According to a study done by Oregon State University (OSU), a type of omega 3 fatty acids can help prevent liver damage, particularly among people who are obese or have a poor diet. There are of course various drugs available in the market that claim to aid in liver health, but there's nothing like achieving effective results through one's diet. Millions of people in the developed world try yet fail to sustain weight loss or eat an optimal diet.
Supplements of docosahexaenoic acid (DHA), one of the most critically important of the omega 3 fatty acids, were shown to stop the progression of nonalcoholic steatohepatitis (NASH) into more serious and life-threatening health problems such as cirrhosis or liver cancer, reported Xinhua news agency. Characterised by liver inflammation, oxidative stress and fibrosis, NASH is a substantial risk factor for cirrhosis and liver cancer. It is predicted to be the leading cause of liver transplants by 2020, and the US Food and Drug Administration (FDA) currently has no approved medical treatments for it.
Health experts pinpoint the cause factor to be one's diet. The ill effects of the "Western diet" are known to all. Since it is loaded with fat, sugar and cholesterol, nearly 80 million adults and 13 million children in the United States are obese, and about 30 percent of the nation's population is estimated to have some form of chronic fatty liver disease.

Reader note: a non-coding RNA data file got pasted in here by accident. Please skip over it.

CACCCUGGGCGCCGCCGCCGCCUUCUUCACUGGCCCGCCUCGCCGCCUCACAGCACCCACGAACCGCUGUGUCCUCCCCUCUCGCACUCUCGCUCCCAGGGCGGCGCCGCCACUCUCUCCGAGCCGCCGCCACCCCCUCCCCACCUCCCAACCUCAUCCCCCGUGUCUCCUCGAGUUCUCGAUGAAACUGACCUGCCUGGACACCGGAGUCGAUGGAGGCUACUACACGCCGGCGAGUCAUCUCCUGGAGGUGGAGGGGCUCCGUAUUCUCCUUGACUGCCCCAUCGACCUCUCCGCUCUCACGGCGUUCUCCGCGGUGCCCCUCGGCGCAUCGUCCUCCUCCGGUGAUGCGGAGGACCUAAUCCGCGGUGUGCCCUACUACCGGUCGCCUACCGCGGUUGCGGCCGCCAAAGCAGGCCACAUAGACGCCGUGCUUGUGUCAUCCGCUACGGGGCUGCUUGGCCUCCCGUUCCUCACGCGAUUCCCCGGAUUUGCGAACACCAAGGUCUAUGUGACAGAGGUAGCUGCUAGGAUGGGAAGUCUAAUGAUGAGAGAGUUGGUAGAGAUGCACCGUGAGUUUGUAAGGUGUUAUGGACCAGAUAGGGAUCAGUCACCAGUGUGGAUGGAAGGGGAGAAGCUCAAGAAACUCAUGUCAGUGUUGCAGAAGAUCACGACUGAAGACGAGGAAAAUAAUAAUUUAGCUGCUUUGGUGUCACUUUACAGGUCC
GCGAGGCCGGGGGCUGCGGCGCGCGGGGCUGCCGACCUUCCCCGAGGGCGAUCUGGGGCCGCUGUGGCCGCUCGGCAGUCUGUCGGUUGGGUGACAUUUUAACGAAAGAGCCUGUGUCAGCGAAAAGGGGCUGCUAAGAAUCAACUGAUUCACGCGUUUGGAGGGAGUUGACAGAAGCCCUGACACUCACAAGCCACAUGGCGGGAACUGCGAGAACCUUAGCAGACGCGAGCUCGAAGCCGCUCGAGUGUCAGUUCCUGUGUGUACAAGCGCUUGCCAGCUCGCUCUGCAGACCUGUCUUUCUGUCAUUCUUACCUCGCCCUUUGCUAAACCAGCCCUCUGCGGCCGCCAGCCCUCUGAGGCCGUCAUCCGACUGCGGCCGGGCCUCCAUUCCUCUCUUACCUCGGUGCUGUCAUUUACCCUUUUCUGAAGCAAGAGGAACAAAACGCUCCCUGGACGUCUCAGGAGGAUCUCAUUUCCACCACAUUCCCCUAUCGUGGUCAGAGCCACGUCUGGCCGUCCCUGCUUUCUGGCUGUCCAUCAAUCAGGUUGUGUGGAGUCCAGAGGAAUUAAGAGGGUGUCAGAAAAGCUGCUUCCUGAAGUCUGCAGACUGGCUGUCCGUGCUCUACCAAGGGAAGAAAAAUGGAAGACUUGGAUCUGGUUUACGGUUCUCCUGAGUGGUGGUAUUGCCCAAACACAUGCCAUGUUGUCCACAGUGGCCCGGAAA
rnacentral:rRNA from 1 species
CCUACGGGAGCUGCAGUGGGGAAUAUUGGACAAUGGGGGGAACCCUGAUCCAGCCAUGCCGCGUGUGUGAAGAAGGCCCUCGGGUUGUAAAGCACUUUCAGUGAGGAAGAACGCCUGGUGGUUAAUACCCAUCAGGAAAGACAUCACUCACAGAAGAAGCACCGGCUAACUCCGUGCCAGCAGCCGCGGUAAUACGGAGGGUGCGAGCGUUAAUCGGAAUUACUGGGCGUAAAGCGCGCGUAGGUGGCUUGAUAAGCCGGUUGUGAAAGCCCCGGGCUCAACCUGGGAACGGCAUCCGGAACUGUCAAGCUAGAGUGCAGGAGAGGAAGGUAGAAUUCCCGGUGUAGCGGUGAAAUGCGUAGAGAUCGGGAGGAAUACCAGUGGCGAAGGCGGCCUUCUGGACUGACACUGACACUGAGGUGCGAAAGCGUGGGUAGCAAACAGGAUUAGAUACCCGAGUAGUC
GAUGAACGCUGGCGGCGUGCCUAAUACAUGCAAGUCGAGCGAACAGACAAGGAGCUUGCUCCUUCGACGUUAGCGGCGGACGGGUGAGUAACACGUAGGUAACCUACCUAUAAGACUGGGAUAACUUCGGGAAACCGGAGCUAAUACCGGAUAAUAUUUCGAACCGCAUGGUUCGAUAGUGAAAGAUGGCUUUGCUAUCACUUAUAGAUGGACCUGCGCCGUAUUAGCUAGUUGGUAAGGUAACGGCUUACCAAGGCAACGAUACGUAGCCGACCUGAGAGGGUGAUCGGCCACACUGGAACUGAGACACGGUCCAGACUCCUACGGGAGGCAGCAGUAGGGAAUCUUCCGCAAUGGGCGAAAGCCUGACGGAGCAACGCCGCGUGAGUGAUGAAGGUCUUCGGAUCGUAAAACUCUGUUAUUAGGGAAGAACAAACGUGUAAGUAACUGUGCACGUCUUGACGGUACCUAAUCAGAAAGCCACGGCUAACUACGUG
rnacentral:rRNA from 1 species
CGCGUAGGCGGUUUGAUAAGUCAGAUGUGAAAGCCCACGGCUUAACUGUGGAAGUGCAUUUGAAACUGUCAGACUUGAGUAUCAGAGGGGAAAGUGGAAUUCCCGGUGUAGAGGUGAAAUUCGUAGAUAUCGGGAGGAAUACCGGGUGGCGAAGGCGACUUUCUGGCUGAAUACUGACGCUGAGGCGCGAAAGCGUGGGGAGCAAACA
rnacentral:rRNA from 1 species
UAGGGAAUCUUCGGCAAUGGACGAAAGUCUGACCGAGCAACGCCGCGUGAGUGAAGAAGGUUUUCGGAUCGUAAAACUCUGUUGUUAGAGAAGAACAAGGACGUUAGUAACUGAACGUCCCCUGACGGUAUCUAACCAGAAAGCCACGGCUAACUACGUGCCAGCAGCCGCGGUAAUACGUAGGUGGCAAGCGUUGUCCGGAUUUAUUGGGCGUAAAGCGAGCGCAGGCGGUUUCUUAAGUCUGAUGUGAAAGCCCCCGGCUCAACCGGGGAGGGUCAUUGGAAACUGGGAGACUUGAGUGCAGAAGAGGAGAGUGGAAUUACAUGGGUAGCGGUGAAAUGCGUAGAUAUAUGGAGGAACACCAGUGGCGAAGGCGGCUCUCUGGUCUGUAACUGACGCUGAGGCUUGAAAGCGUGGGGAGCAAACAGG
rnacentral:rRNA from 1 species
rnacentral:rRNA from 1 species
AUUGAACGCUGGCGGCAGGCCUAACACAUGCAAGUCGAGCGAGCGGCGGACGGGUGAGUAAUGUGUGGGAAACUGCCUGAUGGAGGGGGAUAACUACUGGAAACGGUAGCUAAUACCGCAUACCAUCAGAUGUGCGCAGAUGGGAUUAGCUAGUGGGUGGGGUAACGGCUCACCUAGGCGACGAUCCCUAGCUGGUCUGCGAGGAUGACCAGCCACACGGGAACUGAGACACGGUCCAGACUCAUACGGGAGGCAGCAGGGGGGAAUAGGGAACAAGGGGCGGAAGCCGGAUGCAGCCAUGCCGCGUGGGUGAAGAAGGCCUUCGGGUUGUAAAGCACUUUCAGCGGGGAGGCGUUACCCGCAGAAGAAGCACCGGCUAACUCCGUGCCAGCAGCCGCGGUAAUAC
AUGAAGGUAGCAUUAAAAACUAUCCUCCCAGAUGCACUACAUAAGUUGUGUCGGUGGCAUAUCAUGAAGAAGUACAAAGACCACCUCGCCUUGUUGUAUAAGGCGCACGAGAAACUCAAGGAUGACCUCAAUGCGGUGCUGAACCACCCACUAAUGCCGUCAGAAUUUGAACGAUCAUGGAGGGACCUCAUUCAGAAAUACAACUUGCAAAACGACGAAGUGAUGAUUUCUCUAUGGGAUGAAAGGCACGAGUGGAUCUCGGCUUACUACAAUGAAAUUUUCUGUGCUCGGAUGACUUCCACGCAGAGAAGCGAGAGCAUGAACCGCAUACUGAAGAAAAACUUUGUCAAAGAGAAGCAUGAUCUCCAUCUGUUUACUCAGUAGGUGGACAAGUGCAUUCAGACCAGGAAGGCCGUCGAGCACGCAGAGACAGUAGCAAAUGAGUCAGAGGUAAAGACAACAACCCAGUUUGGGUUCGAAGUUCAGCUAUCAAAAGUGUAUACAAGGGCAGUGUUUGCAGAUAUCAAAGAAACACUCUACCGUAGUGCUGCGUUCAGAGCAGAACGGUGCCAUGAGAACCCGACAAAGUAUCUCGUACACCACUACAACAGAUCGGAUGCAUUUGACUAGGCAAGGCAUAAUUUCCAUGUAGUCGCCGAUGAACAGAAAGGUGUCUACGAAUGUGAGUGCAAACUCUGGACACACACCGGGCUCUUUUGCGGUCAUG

"Considering there are no FDA-approved ways to stop NASH progression, other than weight loss therapy, this supplement may be of significant help," said Donald Jump, a professor in the OSU College of Public Health and Human Sciences, and principal investigator with the Linus Pauling Institute. "In the time frame that we studied, DHA supplementation was not able to achieve full remission of NASH, but it did stop it from getting worse," he added.
When humans with NASH are examined, they have very low levels of omega 3 fatty acids. When those levels are raised, the disease progression stops. Omega 3 fatty acids regulate important biological pathways, including fatty acid synthesis, oxidation, and breakdown of triglycerides, or fats in the blood. DHA appears to be one of the most significant of the omega 3 fatty acids, and plays a role in repairing liver damage.The highest levels of DHA are found in oily fish such as salmon, mackerel, tuna and sardines, and to a much lesser extent in some foods such as poultry, liver, egg yolks, and some types of algae.
It is increasingly being included in some prenatal vitamin and mineral formulas because of studies showing its critical importance to a developing foetus.Inputs from IANS